New Zealand paralympian equestriennes are on the eve of the biggest and most important rides of their lives.
Anthea Gunner and Rachel Stock along with their horses Huntingdale Incognito (Mask) and Bates Rimini Park Emmerich (Ricki) are primed and ready to go for the 2012 London Paralympics, after flying through the horse inspection overnight.
New Zealand Paralympic equestrian manager Warrick Allan says both riders and horses are looking good.
"The horses have settled into the world-class facilities at Greenwich extremely well and both are in good health," he says.
He is confident all the hard work that has gone in is about to pay dividends.
"Working with Anthea and Rachel over the past 12 months, and knowing the work, focus and effort that has gone into this campaign, it has been a privilege to be part of."
Over the past couple of days, horses and riders have been allowed to train in the main competition arena.
"This allows them to adapt to the surroundings they'll face come competition day," says Allan. "Both of them have coped really well with this environment and have shown no signs of concern. While the crowds aren't there yet, we don?t expect this to pose a problem."
The Kiwi team has been keenly watching the opposition.
"The standard of riding we've seen during training is very high and the competition is going to be fierce."
But he's confident of a top showing from the two Kiwi paralympians, who had been completely inspired by the efforts of the bronze medal-winning New Zealand eventing team at the London Olympics.
Allan is picking the biggest competition will come from British, Canadian and German riders.
On paper, Stock is angling towards a podium finish, while Gunner has continued to improve over the year and is more than capable of notching a personal best at the games.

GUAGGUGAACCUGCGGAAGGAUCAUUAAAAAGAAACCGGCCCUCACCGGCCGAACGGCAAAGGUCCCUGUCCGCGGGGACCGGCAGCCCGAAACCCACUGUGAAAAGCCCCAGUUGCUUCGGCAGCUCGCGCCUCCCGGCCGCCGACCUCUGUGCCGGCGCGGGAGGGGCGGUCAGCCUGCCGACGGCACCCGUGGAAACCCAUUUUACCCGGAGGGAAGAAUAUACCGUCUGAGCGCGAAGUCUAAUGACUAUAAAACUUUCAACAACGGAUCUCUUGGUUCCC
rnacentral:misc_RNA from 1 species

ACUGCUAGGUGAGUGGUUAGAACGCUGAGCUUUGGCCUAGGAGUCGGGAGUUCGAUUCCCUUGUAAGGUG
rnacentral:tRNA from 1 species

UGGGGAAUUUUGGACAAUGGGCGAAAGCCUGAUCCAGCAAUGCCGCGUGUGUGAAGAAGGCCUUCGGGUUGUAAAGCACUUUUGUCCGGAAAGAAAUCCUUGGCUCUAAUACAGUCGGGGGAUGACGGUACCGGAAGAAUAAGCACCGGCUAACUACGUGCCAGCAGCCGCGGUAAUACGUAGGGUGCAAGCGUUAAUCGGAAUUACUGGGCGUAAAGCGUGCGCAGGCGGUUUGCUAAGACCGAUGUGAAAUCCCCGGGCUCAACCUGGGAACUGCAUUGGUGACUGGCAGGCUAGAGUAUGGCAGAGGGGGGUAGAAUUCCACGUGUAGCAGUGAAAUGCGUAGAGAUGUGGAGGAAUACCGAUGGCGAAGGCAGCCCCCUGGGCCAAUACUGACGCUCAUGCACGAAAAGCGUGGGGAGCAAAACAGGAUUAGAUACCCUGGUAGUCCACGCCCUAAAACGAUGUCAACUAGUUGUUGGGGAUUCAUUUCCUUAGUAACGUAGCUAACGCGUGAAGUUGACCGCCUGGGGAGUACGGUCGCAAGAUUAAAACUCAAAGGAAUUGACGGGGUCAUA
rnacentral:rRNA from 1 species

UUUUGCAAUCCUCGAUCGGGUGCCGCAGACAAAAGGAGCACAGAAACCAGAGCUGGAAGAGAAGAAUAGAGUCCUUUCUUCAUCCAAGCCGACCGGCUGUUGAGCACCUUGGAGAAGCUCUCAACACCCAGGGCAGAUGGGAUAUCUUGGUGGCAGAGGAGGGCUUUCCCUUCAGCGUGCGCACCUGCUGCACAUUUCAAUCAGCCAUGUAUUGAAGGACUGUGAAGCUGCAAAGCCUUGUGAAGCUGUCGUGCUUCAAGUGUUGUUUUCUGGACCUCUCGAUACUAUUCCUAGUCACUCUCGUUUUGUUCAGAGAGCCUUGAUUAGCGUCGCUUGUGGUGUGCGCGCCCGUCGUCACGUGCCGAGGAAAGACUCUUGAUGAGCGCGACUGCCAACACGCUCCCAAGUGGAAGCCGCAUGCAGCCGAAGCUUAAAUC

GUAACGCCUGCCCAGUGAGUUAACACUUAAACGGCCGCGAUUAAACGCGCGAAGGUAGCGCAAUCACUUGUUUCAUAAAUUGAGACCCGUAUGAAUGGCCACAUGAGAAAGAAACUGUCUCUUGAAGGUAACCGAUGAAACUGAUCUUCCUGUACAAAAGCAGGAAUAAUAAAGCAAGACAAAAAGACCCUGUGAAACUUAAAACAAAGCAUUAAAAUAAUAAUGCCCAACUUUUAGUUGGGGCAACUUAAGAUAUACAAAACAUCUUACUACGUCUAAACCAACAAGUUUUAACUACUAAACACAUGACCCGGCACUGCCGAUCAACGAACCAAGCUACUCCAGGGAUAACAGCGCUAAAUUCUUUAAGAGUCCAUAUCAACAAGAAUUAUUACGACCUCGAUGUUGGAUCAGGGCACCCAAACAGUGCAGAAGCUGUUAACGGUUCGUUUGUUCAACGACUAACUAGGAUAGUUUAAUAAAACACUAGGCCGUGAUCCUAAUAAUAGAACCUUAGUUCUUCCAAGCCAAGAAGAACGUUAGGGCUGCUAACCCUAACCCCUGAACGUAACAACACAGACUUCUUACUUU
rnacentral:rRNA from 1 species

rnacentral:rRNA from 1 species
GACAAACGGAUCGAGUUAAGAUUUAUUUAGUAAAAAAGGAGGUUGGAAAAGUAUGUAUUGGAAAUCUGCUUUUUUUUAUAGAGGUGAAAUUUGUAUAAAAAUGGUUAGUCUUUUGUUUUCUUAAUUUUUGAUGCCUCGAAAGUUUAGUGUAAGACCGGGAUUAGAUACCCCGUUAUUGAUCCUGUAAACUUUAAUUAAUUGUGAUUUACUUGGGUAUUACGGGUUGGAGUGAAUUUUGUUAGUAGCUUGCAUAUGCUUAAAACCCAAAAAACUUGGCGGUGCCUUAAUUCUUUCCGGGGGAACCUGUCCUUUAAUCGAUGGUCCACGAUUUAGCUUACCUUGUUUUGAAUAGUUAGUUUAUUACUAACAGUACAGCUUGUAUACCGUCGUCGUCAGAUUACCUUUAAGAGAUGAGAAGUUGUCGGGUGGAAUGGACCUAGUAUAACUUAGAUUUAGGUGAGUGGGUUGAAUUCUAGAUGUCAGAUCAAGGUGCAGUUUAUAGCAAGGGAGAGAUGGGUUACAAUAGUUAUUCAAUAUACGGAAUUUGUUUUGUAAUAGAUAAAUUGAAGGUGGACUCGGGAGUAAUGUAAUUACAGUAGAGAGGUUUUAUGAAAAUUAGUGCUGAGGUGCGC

Paralympics New Zealand required the potential of a top six finish at London, with a view to medal in 2016 at Rio, or top three in London. New Zealand?s equestrian representatives fit both criteria.
"It's huge for us to have two representatives at London," says Allan, who puts the success down to a successfully driven high performance programme.
"We almost had a third representative there too, so that speaks volumes. We said all along our riders needed to step up to represent us in London, and these two have done just that."
The Paralympics Opening Ceremony is on Wednesday (UK time), with Gunner the first rider into the competition arena the following day.
THE RUN DOWN
· The 2012 Paralympics is the biggest ever featuring 4200 athletes from 160 countries competing in 20 sports.
· The New Zealand Paralympics team has 26 athletes competing over seven sports.
· 78 combinations from all over the world will compete in equestrian.
· New Zealand has not had a equestrian paralympian since Jayne Craike at Athens in 2004.
· Craike is New Zealand's only equestrian paralympian - Athens (2004), Sydney (2000) and Atlanta (1996), where she won gold and silver medals.
· Anthea Gunner and Rachel Stock will compete in para-dressage in a 40mx20m arena.
· The 2012 Paralympics run from August 30 through to September 4.
· Equestrian first appeared at the Paralympics in 1984 and has been represented at every games since 1996.
WHAT TO WATCH OUT FOR
Thursday, August 30 (UK time)
Grade 2 team test (warm-up only, no medals)
Friday August 31 (UK time)
Grade 3 team test (warm-up only, no medals)
Saturday, September 1 (UK time)
Grade 2 championship test (medal class)
Sunday, September 2 (UK time)
Grade 3, championship test (medal class)
Monday, September 3 (UK time)
Grade 2, freestyle to music (medal class)
Tuesday, September 4 (UK time)
Grade 3, freestyle to music (medal class)